Italy’s prime minister answers questions during a press conference at the end of the year.
Alessandra Benedetti – Corbis | Corbis News | Getty Images
Italy is on the verge of another political crisis as members of the coalition government question the prime minister’s plan for the country’s economic recovery.
The southern European country is no stranger to political struggles. Tensions, scandals, and small majorities have led to more than 60 governments since World War II. However, the recent political spat comes at a particularly painful moment, as the number of coronavirus infections and deaths is among the highest so far in Europe and GDP is expected to shrink by about 10% in 2020.
“In the most likely scenario, the crisis will lead to the formation of a new CEO,” said Wolfango Piccoli, co-chair of consulting firm Teneo, in a note on Monday.
Prime Minister Giuseppe Conte has been in power since June 2018, but he is already heading his second government after a political conflict in the summer of 2019 culminating in a new alliance made up of the left-leaning Democratic Party, the Five Star Movement, and the last left-leaning party in the government.
The final challenge brings Conte, without political affiliation, against former Prime Minister Matteo Renzi, who defected from the Democratic Party in September and created his own group called Italia Viva, which supports the coalition and has two ministerial posts. However, Renzi is threatening to withdraw his support for the current executive, arguing that Conte’s economic recovery plan is not ambitious enough.
The European Union has agreed to tap into the financial markets in search of 750 billion euros ($ 920 billion), which will be invested in the 27 countries to help them re-emerge their economies after the coronavirus pandemic.
One of the main beneficiaries of these funds is Italy, as it expects grants and low-interest loans of € 208 billion. However, the challenge is how to get the most out of this money given that Italy has the second-highest public debt heap in the European Union and its economy was already struggling before the pandemic.
“The Georgian knot is how the EU’s money is spent and whether it will be assigned to new or pre-existing projects. While the former will increase the standard Italian public debt, the latter will reduce the positive impact of the EU’s financial support,” Alberto Alemanno, a law professor In the European Union at HEC Paris Business School, to CNBC on Tuesday.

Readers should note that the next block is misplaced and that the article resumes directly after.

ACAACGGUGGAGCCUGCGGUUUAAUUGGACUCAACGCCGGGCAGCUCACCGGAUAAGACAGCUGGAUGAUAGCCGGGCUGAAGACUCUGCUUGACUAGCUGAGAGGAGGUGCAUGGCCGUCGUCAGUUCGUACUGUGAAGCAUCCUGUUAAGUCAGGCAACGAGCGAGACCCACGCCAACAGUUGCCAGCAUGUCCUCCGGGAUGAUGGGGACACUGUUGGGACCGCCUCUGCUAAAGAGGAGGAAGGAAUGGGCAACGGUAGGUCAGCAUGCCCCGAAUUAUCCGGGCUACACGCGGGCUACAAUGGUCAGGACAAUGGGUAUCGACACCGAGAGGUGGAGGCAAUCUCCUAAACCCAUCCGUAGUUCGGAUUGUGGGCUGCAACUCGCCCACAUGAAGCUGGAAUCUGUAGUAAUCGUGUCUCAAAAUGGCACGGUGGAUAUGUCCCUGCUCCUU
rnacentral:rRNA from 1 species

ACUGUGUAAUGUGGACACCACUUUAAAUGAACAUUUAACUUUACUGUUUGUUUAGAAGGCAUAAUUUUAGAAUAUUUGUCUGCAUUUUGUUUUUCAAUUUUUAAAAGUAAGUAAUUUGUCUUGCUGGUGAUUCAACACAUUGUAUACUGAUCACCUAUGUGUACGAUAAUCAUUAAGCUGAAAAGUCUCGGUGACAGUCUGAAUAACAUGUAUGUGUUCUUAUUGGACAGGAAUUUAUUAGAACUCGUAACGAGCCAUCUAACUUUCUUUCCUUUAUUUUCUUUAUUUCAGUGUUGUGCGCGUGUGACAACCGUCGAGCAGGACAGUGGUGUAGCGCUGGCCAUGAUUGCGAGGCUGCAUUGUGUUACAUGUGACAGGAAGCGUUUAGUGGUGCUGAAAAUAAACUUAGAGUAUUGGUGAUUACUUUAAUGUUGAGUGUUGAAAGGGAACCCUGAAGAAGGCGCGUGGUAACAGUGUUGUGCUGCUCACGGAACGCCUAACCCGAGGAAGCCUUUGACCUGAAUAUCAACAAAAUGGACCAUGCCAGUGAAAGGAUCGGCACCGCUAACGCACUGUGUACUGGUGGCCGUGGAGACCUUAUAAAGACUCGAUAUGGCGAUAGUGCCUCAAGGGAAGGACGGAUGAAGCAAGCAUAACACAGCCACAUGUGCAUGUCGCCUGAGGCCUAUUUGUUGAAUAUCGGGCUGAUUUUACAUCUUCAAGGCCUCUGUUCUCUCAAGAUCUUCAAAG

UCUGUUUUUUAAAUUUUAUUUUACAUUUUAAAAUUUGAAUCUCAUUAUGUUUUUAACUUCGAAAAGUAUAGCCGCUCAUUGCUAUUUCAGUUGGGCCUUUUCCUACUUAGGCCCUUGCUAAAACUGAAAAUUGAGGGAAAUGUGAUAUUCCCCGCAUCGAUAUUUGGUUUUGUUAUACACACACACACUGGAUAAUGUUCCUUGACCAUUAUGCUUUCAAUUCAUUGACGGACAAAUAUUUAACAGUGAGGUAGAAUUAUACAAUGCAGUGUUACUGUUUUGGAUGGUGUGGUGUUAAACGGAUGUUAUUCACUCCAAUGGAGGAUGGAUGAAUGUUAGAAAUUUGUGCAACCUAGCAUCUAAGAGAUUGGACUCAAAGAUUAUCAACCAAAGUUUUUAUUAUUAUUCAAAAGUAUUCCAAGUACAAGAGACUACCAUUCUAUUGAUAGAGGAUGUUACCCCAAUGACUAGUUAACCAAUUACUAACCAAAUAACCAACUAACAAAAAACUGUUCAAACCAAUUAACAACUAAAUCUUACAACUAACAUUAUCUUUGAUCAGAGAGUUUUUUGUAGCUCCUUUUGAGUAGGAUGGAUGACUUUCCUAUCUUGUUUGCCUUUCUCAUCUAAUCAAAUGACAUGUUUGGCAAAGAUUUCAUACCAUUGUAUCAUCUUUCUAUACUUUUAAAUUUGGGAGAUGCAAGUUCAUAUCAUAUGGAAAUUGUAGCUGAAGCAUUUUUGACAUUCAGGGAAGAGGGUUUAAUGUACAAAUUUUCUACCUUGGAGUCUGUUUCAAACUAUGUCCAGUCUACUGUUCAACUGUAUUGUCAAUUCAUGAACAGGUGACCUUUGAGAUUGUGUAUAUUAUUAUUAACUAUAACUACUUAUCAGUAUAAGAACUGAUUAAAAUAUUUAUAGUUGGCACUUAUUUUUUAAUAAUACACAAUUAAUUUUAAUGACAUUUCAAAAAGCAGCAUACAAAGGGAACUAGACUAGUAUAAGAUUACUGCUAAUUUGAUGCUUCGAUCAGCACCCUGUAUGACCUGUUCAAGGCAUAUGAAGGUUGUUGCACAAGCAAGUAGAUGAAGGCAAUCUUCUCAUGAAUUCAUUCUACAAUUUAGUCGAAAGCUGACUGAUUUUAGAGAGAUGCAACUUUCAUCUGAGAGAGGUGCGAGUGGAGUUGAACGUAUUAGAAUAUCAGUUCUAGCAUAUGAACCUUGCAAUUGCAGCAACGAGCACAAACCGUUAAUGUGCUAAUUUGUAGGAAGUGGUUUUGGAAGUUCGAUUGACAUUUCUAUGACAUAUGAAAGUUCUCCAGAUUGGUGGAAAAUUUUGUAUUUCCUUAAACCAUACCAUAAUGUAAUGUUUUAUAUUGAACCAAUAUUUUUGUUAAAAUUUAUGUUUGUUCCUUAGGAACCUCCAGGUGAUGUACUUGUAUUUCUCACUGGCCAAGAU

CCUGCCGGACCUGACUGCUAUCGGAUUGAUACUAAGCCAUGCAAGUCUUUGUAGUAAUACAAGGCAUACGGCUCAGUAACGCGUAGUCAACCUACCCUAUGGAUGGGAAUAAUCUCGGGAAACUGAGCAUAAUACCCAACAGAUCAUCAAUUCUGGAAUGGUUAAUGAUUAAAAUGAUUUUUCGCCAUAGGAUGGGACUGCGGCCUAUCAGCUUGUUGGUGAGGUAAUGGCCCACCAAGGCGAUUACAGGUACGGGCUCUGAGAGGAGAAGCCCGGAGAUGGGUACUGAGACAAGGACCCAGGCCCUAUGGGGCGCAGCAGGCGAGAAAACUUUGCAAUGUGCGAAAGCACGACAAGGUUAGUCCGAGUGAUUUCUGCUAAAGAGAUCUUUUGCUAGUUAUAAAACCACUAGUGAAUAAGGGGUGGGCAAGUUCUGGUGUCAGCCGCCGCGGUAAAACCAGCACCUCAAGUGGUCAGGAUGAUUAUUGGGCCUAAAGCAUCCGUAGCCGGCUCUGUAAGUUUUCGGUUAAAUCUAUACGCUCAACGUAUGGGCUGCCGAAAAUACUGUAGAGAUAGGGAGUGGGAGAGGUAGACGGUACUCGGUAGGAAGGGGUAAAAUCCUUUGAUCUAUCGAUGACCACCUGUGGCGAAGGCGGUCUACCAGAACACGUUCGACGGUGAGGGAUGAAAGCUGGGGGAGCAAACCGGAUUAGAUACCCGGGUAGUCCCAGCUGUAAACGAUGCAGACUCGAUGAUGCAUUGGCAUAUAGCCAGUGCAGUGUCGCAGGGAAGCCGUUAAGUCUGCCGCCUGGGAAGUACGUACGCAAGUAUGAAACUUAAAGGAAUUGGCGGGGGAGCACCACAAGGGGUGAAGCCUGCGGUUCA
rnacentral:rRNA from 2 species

Experts like Teneo Piccoli believe that the dispute “will reach its climax later this week when Conte submits his revised economic recovery plan to the Cabinet for approval. The impetus for the official openness of the crisis may be the refusal of Italia Viva’s ministers to endorse the plan.”
“While FIFA Italy is only a junior partner in the ruling coalition, the numbers are very narrow in Parliament, and especially in the Senate, that by withdrawing its support it could lead to a vote of confidence in the prime minister.”
Ignazio Corao, the independent Italian MP in the European Parliament, told CNBC on Tuesday that early elections will likely be avoided and that either there will be a new prime minister or there will be a reshuffle.
Curao said that Renzi “needs to use all the political means that he has now … in order to gain powers in the future,” indicating that political discord could be a tactic for the recently established Italia FIFA party to gain more ground.
Yield on 10 years Italian Bonds rose slightly this week, as the markets opened in the first trading days of 2021 and against the backdrop of the political situation. However, the yield is still trading at low levels around 0.532% due to the massive amount of monetary and fiscal stimulus in Europe.